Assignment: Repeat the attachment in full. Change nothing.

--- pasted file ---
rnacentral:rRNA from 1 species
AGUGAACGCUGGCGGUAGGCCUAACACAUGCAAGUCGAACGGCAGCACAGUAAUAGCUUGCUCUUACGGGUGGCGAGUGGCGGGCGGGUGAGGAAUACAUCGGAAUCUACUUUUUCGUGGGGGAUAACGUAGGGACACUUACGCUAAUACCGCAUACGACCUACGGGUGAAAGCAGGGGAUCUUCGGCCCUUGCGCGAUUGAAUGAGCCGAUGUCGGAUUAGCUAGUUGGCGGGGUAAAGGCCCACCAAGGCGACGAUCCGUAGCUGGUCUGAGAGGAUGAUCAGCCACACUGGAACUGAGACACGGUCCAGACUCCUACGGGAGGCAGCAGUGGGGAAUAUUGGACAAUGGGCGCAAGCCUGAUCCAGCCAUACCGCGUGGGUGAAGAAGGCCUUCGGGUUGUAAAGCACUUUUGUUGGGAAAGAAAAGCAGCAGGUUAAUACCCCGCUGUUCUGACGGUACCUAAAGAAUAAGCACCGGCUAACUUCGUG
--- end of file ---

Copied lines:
rnacentral:rRNA from 1 species
AGUGAACGCUGGCGGUAGGCCUAACACAUGCAAGUCGAACGGCAGCACAGUAAUAGCUUGCUCUUACGGGUGGCGAGUGGCGGGCGGGUGAGGAAUACAUCGGAAUCUACUUUUUCGUGGGGGAUAACGUAGGGACACUUACGCUAAUACCGCAUACGACCUACGGGUGAAAGCAGGGGAUCUUCGGCCCUUGCGCGAUUGAAUGAGCCGAUGUCGGAUUAGCUAGUUGGCGGGGUAAAGGCCCACCAAGGCGACGAUCCGUAGCUGGUCUGAGAGGAUGAUCAGCCACACUGGAACUGAGACACGGUCCAGACUCCUACGGGAGGCAGCAGUGGGGAAUAUUGGACAAUGGGCGCAAGCCUGAUCCAGCCAUACCGCGUGGGUGAAGAAGGCCUUCGGGUUGUAAAGCACUUUUGUUGGGAAAGAAAAGCAGCAGGUUAAUACCCCGCUGUUCUGACGGUACCUAAAGAAUAAGCACCGGCUAACUUCGUG